The program was richly packed with valuable academic curriculum, travel to different areas of the province and other countries in Southeast Asia (Vietnam, Cambodia, and Thailand), the homestay experience (optional), and flexibility for personal pursuit of adventure. Travel planned into the program itinerary nicely complemented topics discussed in classes, and really helped me to understand the material. I also had time to travel to locations such as Chengdu, Lijiang, Jianshui, and Yuanyang throughout the semester, independent of the program. After several months, I was surprised by how much I had grown over such a short period of time; I feel more independent, capable of coping with new situations (like living in a big city where pretty much everyone only speaks Chinese!), and empowered to explore. The semester experience was more than enlightening and continues to influence my life back in the States. Along the way, I made friends with locals and my fellow program members, while braving my comfort zone with things I never would have dreamed of doing (such as joining a local public dance group). I came to consider my dance group to be almost like a family to me. Though I have one heart, I now have more than one home.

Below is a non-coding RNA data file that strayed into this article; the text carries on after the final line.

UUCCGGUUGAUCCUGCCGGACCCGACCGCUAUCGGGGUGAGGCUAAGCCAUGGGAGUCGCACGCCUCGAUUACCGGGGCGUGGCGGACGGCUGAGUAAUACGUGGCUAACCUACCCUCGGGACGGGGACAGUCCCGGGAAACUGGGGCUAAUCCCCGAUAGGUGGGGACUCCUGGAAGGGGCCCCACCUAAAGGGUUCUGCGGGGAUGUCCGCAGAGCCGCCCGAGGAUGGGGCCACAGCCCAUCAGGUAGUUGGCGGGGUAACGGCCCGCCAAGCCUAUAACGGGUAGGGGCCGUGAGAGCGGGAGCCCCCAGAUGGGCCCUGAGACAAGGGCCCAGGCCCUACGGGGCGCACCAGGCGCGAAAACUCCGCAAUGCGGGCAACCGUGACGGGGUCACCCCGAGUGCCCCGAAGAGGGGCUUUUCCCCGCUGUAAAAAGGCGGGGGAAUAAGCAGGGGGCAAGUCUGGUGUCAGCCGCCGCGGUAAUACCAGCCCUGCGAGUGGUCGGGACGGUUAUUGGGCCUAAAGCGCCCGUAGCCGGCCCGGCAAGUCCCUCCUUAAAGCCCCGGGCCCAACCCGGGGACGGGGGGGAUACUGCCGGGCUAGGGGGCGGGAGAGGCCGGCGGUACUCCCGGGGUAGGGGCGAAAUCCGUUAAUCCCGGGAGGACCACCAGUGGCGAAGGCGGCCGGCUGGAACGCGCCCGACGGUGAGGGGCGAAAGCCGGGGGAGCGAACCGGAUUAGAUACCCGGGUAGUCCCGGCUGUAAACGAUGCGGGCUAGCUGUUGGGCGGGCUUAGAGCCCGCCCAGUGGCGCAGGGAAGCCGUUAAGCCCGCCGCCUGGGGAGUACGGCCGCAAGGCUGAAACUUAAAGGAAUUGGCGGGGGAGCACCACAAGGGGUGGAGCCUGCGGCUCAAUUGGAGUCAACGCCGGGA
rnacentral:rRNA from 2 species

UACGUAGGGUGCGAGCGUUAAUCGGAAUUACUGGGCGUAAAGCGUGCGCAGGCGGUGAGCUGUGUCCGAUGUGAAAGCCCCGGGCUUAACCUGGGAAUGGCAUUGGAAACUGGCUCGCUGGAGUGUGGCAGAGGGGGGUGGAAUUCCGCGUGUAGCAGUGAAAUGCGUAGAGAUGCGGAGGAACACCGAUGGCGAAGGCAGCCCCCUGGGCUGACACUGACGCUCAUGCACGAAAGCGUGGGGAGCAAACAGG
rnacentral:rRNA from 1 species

While not everyone may be interested in dancing, the city has numerous other venues to explore and the travel opportunities are amazing. I highly recommend this program for people who are interested in the environment, international relations, adventure, travel, and so many other things!

What would you improve about this program?
Three downsides are the tricky Internet connections, occasional encounters with La Duzi (“the runs”), and the chaotic traffic pattern of the city, but most of these are problems throughout all of China. More specific to the program, organization of due dates for major coursework could have been a little better.